Speech is our primary mode of communication; When you want to communicate something important, you say it face-to-face. Think about your first "I love you", your last job interview and a nice evening with friends. Everything important is communicated in a spoken form.
Speech is about communication. A characteristic trait of humans in comparison to other animals is our refined abilities to communicate. To work efficiently as a group, we need to communicate. To learn from our mistakes, we need to communicate. Where hand waving and smoke signals can be used to communicate, speech remains as our best way to communicate abstract thoughts.
However, a common idiom is "a picture is worth a thousand words". It is also the reason why this document has pictures on the side. They help in capturing the essential information. An important difference between speech and images is however that where pictures excel in transmission of information, speech excels in interaction. The game "Pictionary" is fun because interaction through a picture is difficult.
Speech interaction is part of a large research area in its own right (see e.g. the book Message processing).
Early communications technology
The expressive power of speech is tremendous, it is a powerful tool for interaction, but in early human cultures, it was difficult to store information. Story-telling was a way to memorize history, but our capability to accurately reproduce stories is limited.
Cave paintings was an early way to store information more permanently, and this technology later evolved to stone tablets, papyrus and paper letters. Such ancient documents provide the most accurate information we have about our past. We would not know about Socrates, without the writings by Plato. Innovations in communications technology, such as cave paintings, book printing and the Internet, have been so important that they characterize historical eras.
Evolution of speech technology
Telecommunications was another milestone in human history. Though the telegraph was an effective way for communicating, it also required specialized training. The invention of the telephone in 1849 was therefore a great invention because it was the first technology to provide instantaneous telecommunication without specialized training.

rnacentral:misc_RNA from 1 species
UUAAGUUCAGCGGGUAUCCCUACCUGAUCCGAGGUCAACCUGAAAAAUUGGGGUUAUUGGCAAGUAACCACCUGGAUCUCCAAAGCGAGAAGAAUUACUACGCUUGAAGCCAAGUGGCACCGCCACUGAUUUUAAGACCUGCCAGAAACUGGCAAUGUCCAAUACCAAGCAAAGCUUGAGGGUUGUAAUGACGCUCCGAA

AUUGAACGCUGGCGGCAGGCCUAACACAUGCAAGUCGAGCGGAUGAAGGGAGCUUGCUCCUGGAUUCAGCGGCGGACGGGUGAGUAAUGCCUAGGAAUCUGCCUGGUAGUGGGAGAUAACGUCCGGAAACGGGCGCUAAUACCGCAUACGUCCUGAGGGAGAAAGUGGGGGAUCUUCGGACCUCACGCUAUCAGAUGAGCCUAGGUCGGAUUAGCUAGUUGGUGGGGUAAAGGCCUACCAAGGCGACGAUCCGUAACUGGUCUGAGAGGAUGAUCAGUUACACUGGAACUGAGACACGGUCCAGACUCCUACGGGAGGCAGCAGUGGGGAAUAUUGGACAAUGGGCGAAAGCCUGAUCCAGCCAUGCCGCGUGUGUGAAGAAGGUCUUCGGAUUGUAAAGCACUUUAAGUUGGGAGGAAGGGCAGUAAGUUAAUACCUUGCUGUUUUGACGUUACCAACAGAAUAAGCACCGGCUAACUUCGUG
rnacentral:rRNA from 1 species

The first wireless (radio) transmission of speech came 50 years later in 1900, quickly to become an important broadcast media. Again, while newspapers had an important role in broadcasting news, the radio was faster and more accessible (does not require the ability to read).
Another important step was the introduction of mobile phones in the 1990's. The importance of its impact is easily demonstrated by the changes in our behaviour which are a consequence of the new technology:
- Before, we would agree on a specific time to talk on the phone - "I'll call you at home around 18 o'clock.". The other party would then know to stay at home waiting for the phone call. Today we just say "I'll talk to you later". There is no need to know where the other person is and we also do not agree on a specific time.
- Before, we would agree on a specific time and place where to meet - "I'll meet you at the main building at 12:15." Both people would then adjust the timing of their arrival to match the agreed time. Today, we can just say "I'll call you when I'm nearby."
In both cases, we are more flexible in our scheduling, making for more efficient use of time.
We have thus determined that speech is an important and powerful mode of communication for humans. For improving technology, this gives two prominent opportunities;
- If we can make communication with speech easier using technology, it can be very useful. For example, if telecommunication, such as telephony, teleconferences, and voice-over-IP, can be improved, then that would allow people to use speech more efficiently.
- We can use to our advantage the people's preference of speech communication. For example, interactions with devices and computers could be improved by allowing spoken interaction with them. In particular, typing on a keyboard and other tactile interfaces are difficult for children, the elderly and handicapped people, whereas a majority of people (but not all) can speak. Similarly, user interfaces based on visual information is often based on accessing information and services through menus. Using natural language can be more intuitive and simple to use; we could just say to the washing machine "Wash this small amount of dirty curtains. " instead of searching for washing options from a menu.
The devices and services which use speech and language are extremely wide-spread. By now, a majority of people in the world has access to a mobile phone and there are almost 8 billion active mobile-phone subscriptions. If we can improve the technology used by those 8 billion people, by say, reducing energy consumption, then the impact of such improvements would be majestic.